The Maya based their economy mainly on agriculture and trade, but hunting wild animals and collecting forest products were also important activities. Maya agriculture was based on the harvest of maize or corn. Large fields were slashed and burnt, preparing the soil for planting. This type of extensive agriculture requires an abundance of land, since the low productivity of the region’s karstic soil, with a thin layer of humus at the top, made it necessary to change the planting grounds every four years.
The population increase during the Early and Late Classic Periods in Tikal, forced the rulers to find alternatives for high-yielding crops. Intensive methods, which made use of irrigation were thus introduced in Tikal, by means of canals and elevated grounds related to hydraulic agriculture, which were complemented by vegetable gardens, fruit trees and breadnut. Their intensive agriculture, which used special techniques associated with hydraulic engineering, was also carefully planned, as the whole city was built so as to collect water in the vast reservoirs, lined with stucco to prevent absorption into the soil. This was a great feat of engineering powered by an economic endeavor.
Agricultural and storage studies (of chultunes) undertaken in Tikal have demonstrated the continuous use of the breadnut (Ramon, or Brosimium alicastrum), which was used to prepare tortillas, sweet pastries or a thick porridge. Its dietary importance has been proven, as it has a high protein and caloric content. It was also easy to preserve for long periods of time, stored in chultunes, where it didn’t mold as it has only a 6.5% water content. Corn and beans tend to mold much faster than breadnut, due to their higher content of water. Breadnut was a widely accepted product, as well as maize, beans, pumpkin, chili, sweet potato, yucca, jicama and various medicinal and edible plants. These were widely consumed, suggesting that the environment at Tikal was not as hostile as once thought and that other agricultural products must have been cultivated in the region, too.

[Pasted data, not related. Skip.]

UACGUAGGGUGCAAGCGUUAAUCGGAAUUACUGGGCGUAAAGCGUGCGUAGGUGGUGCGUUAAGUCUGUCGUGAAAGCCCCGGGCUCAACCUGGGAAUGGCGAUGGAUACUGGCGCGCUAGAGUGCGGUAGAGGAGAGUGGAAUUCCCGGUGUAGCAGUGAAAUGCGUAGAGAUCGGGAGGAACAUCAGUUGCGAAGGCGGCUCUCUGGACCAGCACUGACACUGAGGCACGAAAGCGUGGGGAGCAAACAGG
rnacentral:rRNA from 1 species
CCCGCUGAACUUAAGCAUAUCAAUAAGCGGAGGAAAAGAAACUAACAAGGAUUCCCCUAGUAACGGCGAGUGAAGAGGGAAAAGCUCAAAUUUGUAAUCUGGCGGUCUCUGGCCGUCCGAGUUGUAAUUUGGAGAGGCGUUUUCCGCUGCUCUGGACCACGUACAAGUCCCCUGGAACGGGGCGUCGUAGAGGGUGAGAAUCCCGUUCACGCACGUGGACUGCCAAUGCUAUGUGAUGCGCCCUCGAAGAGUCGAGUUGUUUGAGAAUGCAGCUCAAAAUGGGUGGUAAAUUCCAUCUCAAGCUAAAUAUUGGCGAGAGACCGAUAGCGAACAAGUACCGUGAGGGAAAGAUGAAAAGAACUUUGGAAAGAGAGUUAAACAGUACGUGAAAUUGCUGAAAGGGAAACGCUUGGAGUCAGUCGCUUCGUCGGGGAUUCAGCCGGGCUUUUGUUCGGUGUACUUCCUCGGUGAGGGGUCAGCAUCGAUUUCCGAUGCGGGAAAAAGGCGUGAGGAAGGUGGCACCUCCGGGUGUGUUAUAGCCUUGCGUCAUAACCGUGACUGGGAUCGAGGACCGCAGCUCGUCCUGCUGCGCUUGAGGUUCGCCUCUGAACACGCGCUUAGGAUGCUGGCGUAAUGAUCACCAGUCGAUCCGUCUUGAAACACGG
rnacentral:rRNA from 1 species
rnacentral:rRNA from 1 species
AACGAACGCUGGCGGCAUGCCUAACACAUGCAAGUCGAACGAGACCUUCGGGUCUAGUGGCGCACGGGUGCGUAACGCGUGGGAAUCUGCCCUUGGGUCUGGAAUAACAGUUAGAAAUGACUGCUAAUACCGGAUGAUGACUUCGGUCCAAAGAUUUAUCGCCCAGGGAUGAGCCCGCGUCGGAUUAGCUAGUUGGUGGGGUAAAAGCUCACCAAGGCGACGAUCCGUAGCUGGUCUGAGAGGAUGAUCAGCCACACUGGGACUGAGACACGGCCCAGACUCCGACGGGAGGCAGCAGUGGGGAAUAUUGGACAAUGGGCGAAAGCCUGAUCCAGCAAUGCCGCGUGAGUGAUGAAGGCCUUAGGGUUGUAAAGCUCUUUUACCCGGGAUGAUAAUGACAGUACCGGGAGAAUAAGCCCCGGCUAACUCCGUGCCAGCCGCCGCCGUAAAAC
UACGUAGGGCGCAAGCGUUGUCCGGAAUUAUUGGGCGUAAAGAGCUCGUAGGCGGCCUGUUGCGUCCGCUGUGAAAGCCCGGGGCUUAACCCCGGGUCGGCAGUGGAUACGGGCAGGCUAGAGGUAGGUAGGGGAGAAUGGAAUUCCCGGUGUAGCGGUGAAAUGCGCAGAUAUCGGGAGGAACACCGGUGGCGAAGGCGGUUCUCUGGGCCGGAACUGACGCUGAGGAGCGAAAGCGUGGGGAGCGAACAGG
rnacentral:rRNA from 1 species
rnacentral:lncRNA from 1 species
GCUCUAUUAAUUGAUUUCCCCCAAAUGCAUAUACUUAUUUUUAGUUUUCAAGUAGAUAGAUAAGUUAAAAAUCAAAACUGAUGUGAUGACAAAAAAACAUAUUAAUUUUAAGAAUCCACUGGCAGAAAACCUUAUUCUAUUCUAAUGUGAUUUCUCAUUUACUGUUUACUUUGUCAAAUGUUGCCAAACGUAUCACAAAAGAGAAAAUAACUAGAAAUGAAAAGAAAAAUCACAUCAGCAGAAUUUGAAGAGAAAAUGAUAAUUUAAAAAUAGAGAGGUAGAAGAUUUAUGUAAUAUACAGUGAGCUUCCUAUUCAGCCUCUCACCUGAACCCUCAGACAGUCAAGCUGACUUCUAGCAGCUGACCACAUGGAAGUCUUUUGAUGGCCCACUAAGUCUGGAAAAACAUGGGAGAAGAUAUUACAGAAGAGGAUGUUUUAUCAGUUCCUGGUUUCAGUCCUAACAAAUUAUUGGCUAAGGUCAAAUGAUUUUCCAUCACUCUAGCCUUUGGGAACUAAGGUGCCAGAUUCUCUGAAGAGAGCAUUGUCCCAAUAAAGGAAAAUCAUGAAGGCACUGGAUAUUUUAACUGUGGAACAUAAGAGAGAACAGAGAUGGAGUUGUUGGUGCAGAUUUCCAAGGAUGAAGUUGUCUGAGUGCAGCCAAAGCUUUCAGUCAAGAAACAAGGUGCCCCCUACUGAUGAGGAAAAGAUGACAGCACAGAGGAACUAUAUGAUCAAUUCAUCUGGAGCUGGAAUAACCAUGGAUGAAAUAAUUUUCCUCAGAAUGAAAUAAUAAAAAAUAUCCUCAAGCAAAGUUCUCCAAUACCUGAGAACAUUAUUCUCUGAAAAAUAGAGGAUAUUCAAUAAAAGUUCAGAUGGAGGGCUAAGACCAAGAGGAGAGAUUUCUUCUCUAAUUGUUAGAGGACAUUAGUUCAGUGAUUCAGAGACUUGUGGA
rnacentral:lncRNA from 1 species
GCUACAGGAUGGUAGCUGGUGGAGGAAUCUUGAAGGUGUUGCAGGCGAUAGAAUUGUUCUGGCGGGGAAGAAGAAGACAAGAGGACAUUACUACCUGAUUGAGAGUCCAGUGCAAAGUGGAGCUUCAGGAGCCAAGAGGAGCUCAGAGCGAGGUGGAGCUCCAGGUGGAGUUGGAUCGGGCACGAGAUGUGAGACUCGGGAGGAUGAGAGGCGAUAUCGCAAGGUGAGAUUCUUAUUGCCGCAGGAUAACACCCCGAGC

The daily dietary supplements to their staple of maize, beans and breadnut included animal meat, fish, sea products, root crops and local fruits. This diverse diet, together with products cultivated through both the extensive and intensive agricultural systems, enriched the subsistence of the Tikal population.
Political alliances, arranged through royal marriages, were a means of preserving peace between the different sites but also stimulated the operation of commercial routes established between these city-states. Goods flowed from one place to another, as these alliances increased the degree of interaction between the different polities. This increased interaction, in turn, meant the commercial routes and the exchange and availability of primary and luxury goods from different and distant places were secured.
Trade was a fundamental activity to the Maya of Tikal. Archaeological investigations have demonstrated that since early times popular goods and raw materials circulated through Tikal and other sites in the Maya World region from distant places, such as the Yucatan, the Pacific Ocean and the Caribbean Sea, where salt, shells, snails and stingray spines were produced, while obsidian, jade, quetzal feathers, grinding stones and other articles came from the Guatemalan highlands.